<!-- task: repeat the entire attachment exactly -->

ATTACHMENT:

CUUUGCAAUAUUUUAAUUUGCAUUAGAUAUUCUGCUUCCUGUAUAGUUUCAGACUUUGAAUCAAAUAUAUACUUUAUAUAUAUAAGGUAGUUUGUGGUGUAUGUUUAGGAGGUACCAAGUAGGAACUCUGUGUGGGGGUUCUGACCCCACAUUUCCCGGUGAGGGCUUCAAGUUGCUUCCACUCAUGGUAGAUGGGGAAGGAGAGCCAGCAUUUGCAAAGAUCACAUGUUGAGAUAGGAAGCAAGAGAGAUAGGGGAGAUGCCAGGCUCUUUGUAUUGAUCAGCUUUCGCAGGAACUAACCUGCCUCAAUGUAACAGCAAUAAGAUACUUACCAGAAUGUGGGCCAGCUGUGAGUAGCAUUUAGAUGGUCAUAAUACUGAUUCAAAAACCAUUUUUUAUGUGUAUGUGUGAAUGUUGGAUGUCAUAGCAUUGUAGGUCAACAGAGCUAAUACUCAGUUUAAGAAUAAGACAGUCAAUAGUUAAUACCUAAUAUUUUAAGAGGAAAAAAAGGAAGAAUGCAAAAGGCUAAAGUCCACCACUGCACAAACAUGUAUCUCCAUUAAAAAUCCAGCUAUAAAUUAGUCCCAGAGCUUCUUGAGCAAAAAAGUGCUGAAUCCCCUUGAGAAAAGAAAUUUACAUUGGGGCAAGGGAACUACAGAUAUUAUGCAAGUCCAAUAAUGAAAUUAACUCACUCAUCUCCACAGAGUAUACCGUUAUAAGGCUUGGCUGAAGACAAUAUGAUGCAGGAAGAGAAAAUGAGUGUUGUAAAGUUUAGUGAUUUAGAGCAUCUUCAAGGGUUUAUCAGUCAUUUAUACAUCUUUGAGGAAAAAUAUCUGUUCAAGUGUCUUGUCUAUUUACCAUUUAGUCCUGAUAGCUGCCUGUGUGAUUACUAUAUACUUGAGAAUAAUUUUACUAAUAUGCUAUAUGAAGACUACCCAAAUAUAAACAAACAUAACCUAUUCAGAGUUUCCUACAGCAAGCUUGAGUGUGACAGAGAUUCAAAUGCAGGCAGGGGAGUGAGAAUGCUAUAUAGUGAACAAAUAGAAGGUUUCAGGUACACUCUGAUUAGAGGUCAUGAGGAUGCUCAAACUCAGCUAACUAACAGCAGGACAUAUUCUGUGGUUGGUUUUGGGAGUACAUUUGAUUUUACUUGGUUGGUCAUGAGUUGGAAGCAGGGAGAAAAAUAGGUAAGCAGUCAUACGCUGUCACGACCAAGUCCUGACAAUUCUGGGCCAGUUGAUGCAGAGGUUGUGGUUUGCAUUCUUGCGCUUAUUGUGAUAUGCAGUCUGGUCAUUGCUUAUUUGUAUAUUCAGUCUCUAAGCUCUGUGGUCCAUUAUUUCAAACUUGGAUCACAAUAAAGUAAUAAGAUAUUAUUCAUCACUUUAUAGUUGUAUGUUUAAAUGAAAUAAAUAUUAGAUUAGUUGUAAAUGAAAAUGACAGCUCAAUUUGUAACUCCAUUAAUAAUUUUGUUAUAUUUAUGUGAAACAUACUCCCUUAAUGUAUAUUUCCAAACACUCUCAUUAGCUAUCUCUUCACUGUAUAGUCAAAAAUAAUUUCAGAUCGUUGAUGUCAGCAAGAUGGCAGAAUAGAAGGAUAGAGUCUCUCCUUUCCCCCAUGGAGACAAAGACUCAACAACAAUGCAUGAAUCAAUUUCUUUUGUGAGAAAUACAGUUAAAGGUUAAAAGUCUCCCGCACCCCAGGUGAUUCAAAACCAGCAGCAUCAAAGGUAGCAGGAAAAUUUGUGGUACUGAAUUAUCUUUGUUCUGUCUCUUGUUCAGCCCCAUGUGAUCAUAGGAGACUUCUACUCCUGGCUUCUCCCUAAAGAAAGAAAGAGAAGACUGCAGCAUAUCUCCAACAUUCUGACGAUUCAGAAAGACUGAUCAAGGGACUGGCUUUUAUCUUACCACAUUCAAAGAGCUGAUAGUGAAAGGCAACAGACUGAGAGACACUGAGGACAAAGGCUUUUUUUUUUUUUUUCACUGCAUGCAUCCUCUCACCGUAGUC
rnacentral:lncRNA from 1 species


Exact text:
CUUUGCAAUAUUUUAAUUUGCAUUAGAUAUUCUGCUUCCUGUAUAGUUUCAGACUUUGAAUCAAAUAUAUACUUUAUAUAUAUAAGGUAGUUUGUGGUGUAUGUUUAGGAGGUACCAAGUAGGAACUCUGUGUGGGGGUUCUGACCCCACAUUUCCCGGUGAGGGCUUCAAGUUGCUUCCACUCAUGGUAGAUGGGGAAGGAGAGCCAGCAUUUGCAAAGAUCACAUGUUGAGAUAGGAAGCAAGAGAGAUAGGGGAGAUGCCAGGCUCUUUGUAUUGAUCAGCUUUCGCAGGAACUAACCUGCCUCAAUGUAACAGCAAUAAGAUACUUACCAGAAUGUGGGCCAGCUGUGAGUAGCAUUUAGAUGGUCAUAAUACUGAUUCAAAAACCAUUUUUUAUGUGUAUGUGUGAAUGUUGGAUGUCAUAGCAUUGUAGGUCAACAGAGCUAAUACUCAGUUUAAGAAUAAGACAGUCAAUAGUUAAUACCUAAUAUUUUAAGAGGAAAAAAAGGAAGAAUGCAAAAGGCUAAAGUCCACCACUGCACAAACAUGUAUCUCCAUUAAAAAUCCAGCUAUAAAUUAGUCCCAGAGCUUCUUGAGCAAAAAAGUGCUGAAUCCCCUUGAGAAAAGAAAUUUACAUUGGGGCAAGGGAACUACAGAUAUUAUGCAAGUCCAAUAAUGAAAUUAACUCACUCAUCUCCACAGAGUAUACCGUUAUAAGGCUUGGCUGAAGACAAUAUGAUGCAGGAAGAGAAAAUGAGUGUUGUAAAGUUUAGUGAUUUAGAGCAUCUUCAAGGGUUUAUCAGUCAUUUAUACAUCUUUGAGGAAAAAUAUCUGUUCAAGUGUCUUGUCUAUUUACCAUUUAGUCCUGAUAGCUGCCUGUGUGAUUACUAUAUACUUGAGAAUAAUUUUACUAAUAUGCUAUAUGAAGACUACCCAAAUAUAAACAAACAUAACCUAUUCAGAGUUUCCUACAGCAAGCUUGAGUGUGACAGAGAUUCAAAUGCAGGCAGGGGAGUGAGAAUGCUAUAUAGUGAACAAAUAGAAGGUUUCAGGUACACUCUGAUUAGAGGUCAUGAGGAUGCUCAAACUCAGCUAACUAACAGCAGGACAUAUUCUGUGGUUGGUUUUGGGAGUACAUUUGAUUUUACUUGGUUGGUCAUGAGUUGGAAGCAGGGAGAAAAAUAGGUAAGCAGUCAUACGCUGUCACGACCAAGUCCUGACAAUUCUGGGCCAGUUGAUGCAGAGGUUGUGGUUUGCAUUCUUGCGCUUAUUGUGAUAUGCAGUCUGGUCAUUGCUUAUUUGUAUAUUCAGUCUCUAAGCUCUGUGGUCCAUUAUUUCAAACUUGGAUCACAAUAAAGUAAUAAGAUAUUAUUCAUCACUUUAUAGUUGUAUGUUUAAAUGAAAUAAAUAUUAGAUUAGUUGUAAAUGAAAAUGACAGCUCAAUUUGUAACUCCAUUAAUAAUUUUGUUAUAUUUAUGUGAAACAUACUCCCUUAAUGUAUAUUUCCAAACACUCUCAUUAGCUAUCUCUUCACUGUAUAGUCAAAAAUAAUUUCAGAUCGUUGAUGUCAGCAAGAUGGCAGAAUAGAAGGAUAGAGUCUCUCCUUUCCCCCAUGGAGACAAAGACUCAACAACAAUGCAUGAAUCAAUUUCUUUUGUGAGAAAUACAGUUAAAGGUUAAAAGUCUCCCGCACCCCAGGUGAUUCAAAACCAGCAGCAUCAAAGGUAGCAGGAAAAUUUGUGGUACUGAAUUAUCUUUGUUCUGUCUCUUGUUCAGCCCCAUGUGAUCAUAGGAGACUUCUACUCCUGGCUUCUCCCUAAAGAAAGAAAGAGAAGACUGCAGCAUAUCUCCAACAUUCUGACGAUUCAGAAAGACUGAUCAAGGGACUGGCUUUUAUCUUACCACAUUCAAAGAGCUGAUAGUGAAAGGCAACAGACUGAGAGACACUGAGGACAAAGGCUUUUUUUUUUUUUUUCACUGCAUGCAUCCUCUCACCGUAGUC
rnacentral:lncRNA from 1 species